On the two other sectarian questions, Cambridge Union opinion underwent dramatic and rapid change. As late as 1864, the Irish Church received a two-to-one endorsement. A year later, in a well-attended debate, it scraped home by a single vote. By February 1867, a narrow majority pronounced its existence as a State Church to be an injustice to the Irish people. As the Church faced its doom in 1869, its defenders could do no more than argue that the land question was more important. A similar shift in attitudes can be seen over the question of a Catholic university in Ireland between 1899 and 1903. In both cases, the shift can be traced through several debates, thus dismissing the possibility of an oratorical equivalent of the "rogue poll" in the measurement of public opinion. Since the content of Union debates was usually derivative, and often dismally so, it seems likely that in each case, the evidence reflects wider movement in English attitudes.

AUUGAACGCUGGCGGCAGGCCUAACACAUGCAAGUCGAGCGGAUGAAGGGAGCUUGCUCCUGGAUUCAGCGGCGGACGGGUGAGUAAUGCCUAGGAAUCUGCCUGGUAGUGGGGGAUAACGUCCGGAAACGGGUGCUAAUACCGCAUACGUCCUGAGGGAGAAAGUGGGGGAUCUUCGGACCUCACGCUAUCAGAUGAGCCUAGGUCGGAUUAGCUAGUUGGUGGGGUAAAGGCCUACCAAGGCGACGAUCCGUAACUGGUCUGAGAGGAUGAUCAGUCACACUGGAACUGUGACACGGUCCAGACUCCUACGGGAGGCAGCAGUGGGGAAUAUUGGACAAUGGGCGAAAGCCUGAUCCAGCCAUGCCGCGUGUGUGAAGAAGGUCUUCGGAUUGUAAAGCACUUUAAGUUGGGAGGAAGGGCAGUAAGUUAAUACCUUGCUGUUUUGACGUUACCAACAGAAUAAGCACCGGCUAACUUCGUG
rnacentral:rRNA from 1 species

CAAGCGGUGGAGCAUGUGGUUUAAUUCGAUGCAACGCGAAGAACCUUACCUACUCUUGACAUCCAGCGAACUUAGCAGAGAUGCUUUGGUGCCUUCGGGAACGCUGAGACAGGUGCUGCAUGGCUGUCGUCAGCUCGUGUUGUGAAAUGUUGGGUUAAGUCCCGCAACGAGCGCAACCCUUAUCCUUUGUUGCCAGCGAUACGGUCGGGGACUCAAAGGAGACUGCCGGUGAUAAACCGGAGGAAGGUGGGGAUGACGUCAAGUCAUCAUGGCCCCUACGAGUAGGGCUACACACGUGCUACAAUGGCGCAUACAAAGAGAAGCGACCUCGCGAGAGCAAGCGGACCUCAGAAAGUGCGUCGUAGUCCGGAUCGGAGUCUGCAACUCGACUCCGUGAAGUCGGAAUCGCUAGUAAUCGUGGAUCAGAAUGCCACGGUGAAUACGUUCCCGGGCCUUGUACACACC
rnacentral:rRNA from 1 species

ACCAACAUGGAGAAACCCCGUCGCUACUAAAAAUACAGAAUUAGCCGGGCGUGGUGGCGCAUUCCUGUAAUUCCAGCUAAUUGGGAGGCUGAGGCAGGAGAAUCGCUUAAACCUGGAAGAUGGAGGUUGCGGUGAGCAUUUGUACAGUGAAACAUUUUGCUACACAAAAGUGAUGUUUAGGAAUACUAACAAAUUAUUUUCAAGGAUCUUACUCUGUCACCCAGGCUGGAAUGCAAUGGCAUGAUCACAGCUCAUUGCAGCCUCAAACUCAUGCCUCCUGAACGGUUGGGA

As already noted, the Cambridge Union seemed remarkably unconcerned by Fenianism, except when it manifested itself on the streets of Manchester. Perhaps the American origins of the Fenians meant that they were too easily seen as an external nuisance, making it possible for English opinion to see Ireland as Punch's "fair Hibernia", a maiden in distress who merited chivalrous support. Perhaps, too, the availability of the Irish Church as an easy sacrifice made concession attractive, the more so as the Protestant Establishment on the sister island seemed to have lost crucial English support before it became necessary to respond to the threat of armed uprising.